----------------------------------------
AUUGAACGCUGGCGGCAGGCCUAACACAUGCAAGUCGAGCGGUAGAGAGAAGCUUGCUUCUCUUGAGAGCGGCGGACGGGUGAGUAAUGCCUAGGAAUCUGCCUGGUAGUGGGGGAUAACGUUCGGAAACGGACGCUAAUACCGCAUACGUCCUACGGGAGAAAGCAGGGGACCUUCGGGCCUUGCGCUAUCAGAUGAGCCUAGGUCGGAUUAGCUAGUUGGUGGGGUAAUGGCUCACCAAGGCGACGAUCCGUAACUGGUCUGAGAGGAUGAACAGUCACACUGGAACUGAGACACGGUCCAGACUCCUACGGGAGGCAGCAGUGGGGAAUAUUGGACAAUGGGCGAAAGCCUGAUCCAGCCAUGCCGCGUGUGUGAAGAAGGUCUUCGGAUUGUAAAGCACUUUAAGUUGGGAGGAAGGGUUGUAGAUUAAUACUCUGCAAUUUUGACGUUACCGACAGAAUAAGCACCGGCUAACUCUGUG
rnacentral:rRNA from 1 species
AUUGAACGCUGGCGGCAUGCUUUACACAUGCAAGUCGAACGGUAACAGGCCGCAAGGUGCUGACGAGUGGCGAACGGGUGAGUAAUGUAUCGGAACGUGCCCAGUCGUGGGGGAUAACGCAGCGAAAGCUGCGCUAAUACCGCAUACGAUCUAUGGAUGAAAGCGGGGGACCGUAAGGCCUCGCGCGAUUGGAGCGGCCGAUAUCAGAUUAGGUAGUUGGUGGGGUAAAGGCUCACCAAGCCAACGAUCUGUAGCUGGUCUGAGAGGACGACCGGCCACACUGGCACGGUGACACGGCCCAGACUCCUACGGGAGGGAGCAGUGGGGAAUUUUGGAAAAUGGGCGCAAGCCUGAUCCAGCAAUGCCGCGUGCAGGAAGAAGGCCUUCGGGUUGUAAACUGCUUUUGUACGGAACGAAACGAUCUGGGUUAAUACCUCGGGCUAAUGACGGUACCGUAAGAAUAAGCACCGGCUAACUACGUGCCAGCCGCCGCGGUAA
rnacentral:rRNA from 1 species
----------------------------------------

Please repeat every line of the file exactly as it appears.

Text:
AUUGAACGCUGGCGGCAGGCCUAACACAUGCAAGUCGAGCGGUAGAGAGAAGCUUGCUUCUCUUGAGAGCGGCGGACGGGUGAGUAAUGCCUAGGAAUCUGCCUGGUAGUGGGGGAUAACGUUCGGAAACGGACGCUAAUACCGCAUACGUCCUACGGGAGAAAGCAGGGGACCUUCGGGCCUUGCGCUAUCAGAUGAGCCUAGGUCGGAUUAGCUAGUUGGUGGGGUAAUGGCUCACCAAGGCGACGAUCCGUAACUGGUCUGAGAGGAUGAACAGUCACACUGGAACUGAGACACGGUCCAGACUCCUACGGGAGGCAGCAGUGGGGAAUAUUGGACAAUGGGCGAAAGCCUGAUCCAGCCAUGCCGCGUGUGUGAAGAAGGUCUUCGGAUUGUAAAGCACUUUAAGUUGGGAGGAAGGGUUGUAGAUUAAUACUCUGCAAUUUUGACGUUACCGACAGAAUAAGCACCGGCUAACUCUGUG
rnacentral:rRNA from 1 species
AUUGAACGCUGGCGGCAUGCUUUACACAUGCAAGUCGAACGGUAACAGGCCGCAAGGUGCUGACGAGUGGCGAACGGGUGAGUAAUGUAUCGGAACGUGCCCAGUCGUGGGGGAUAACGCAGCGAAAGCUGCGCUAAUACCGCAUACGAUCUAUGGAUGAAAGCGGGGGACCGUAAGGCCUCGCGCGAUUGGAGCGGCCGAUAUCAGAUUAGGUAGUUGGUGGGGUAAAGGCUCACCAAGCCAACGAUCUGUAGCUGGUCUGAGAGGACGACCGGCCACACUGGCACGGUGACACGGCCCAGACUCCUACGGGAGGGAGCAGUGGGGAAUUUUGGAAAAUGGGCGCAAGCCUGAUCCAGCAAUGCCGCGUGCAGGAAGAAGGCCUUCGGGUUGUAAACUGCUUUUGUACGGAACGAAACGAUCUGGGUUAAUACCUCGGGCUAAUGACGGUACCGUAAGAAUAAGCACCGGCUAACUACGUGCCAGCCGCCGCGGUAA
rnacentral:rRNA from 1 species